- Does Alexandria Ocasio-Cortez want to
- It's about higher marginal rates — not a flat rate
- Jacking up the top tax rate ly wouldn't impact you
- The economy still grew when tax rates were high
- Other developed countries have high tax rates
- A threat to the profit motive?
- A bipartisan group in Congress wants to make it harder for you to do taxes
- Why the government should just do your taxes for you
- The unholy alliance of Big Tax Prep and anti-tax conservatives
Does Alexandria Ocasio-Cortez want to
Freshman Congresswoman Alexandria Ocasio-Cortez backs the idea of a “Green New Deal” for the U.S.
, a plan popular in progressive policy circles under which the federal government would pour billions of dollars into renewable energy.
How would the New York Democrat help fund such a costly program? Raise taxes on the rich to their highest level since 1980, just before Ronald Reagan started hacking rates.
The top tax on the wealthy should rise to as high as 70 percent, Ocasio-Cortez told “60 Minutes” on Sunday.
That approach stands in stark contrast to the 2017 Tax Cuts and Jobs Act, which gave the lion's share of benefits from reducing federal income tax rates to top earners and corporations. Not surprisingly, conservatives are bashing Ocasio-Cortez' ideas.
Americans for Tax Reform founder Grover Norquist wrote on Fox News that her “soaking the rich” plan is “the opening shot in a renewed war against middle class taxpayers.”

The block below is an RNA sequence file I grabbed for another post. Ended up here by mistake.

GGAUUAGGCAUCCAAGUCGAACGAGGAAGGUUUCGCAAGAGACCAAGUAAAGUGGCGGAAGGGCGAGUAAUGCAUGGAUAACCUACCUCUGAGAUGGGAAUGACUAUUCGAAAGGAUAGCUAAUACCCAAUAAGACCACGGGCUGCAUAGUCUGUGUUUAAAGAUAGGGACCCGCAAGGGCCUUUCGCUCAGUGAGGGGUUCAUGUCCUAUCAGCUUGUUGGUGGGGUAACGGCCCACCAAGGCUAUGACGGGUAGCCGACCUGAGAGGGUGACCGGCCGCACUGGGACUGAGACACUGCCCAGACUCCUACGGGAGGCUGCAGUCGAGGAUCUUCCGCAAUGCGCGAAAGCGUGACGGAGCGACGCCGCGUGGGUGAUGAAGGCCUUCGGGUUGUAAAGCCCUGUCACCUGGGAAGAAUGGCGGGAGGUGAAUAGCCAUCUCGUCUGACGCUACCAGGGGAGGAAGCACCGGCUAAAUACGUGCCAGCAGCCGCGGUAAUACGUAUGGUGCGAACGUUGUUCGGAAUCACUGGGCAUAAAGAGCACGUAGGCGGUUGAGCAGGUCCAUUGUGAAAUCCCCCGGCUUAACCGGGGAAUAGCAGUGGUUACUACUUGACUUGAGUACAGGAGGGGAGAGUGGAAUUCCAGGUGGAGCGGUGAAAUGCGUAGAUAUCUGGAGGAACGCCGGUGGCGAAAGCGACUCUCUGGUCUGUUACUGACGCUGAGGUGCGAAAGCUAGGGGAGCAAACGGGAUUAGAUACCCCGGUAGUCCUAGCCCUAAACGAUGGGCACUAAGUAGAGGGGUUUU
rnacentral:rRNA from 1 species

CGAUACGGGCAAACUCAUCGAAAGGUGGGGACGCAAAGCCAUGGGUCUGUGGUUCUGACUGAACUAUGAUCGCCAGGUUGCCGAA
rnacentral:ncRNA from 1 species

Raising the so-called marginal tax rate on the rich would mark a return to the more progressive tax structure of the 1950s and 1960s — under Presidents Harry S. Truman, Dwight D. Eisenhower and John F. Kennedy, for instance, the rate on those in the top bracket topped 90 percent.
Here's what you should know about Ocasio-Cortez's plan and how higher tax rates would work.
It's about higher marginal rates — not a flat rate
Rep. Steve Scalise, R.-Louisiana, tweeted that Ocasio-Cortez's approach would lead to the government taking away “70% of your income.” Yet that comment misleadingly suggests that every dollar earned by taxpayers would be docked at a flat 70 percent — that isn't what Ocasio-Cortez is proposing.
Republicans: Let Americans keep more of their own hard-earned money
Democrats: Take away 70% of your income and give it to leftist fantasy programs https://t.co/NxJPSCqvrt
— Steve Scalise (@SteveScalise) January 5, 2019
Her plan focuses on marginal tax rates, a progressive tax system that's the basis of the U.S. tax code. It works by taxing the lowest amount of income at the lowest tax rate, and then increasing it gradually as a person's income rises. The goal is to tax lower earners at lower rates, while assessing higher rates on wealthier Americans.
Sometimes lost in the criticism of Ocasio-Cortez' plan is the fact that higher marginal rates are paid only on each dollar earned above a particular tax bracket. For instance, single Americans now pay at a rate of 10 percent on earnings up to $9,525, while any earnings between $9,526 and $38,700 are taxed at 12 percent.
Currently, the top rate for single taxpayers kicks in at 37 percent for every dollar earned over $500,000 in annual income.
Jacking up the top tax rate ly wouldn't impact you
Ocasio-Cortez doesn't favor imposing a 70 percent tax on the merely rich. Rather, that rate would be for people with annual income of at least $10 million or so. That's why it's not ly to hit your wallet — only the top 0.
1 percent of income earners are ly to come close to that, as this group enjoys average adjusted gross income of $7.3 million.
And only 140,000 tax filers make this much money, compared with nearly 70 million who make up the bottom 50 percent of earners.
The economy still grew when tax rates were high
The U.S. economy boomed in the '50s and '60s when, according to the nonpartisan Tax Policy Center, the top rate ranged between 70 percent and 92 percent.
Of course, no time periods in economic history are directly comparable.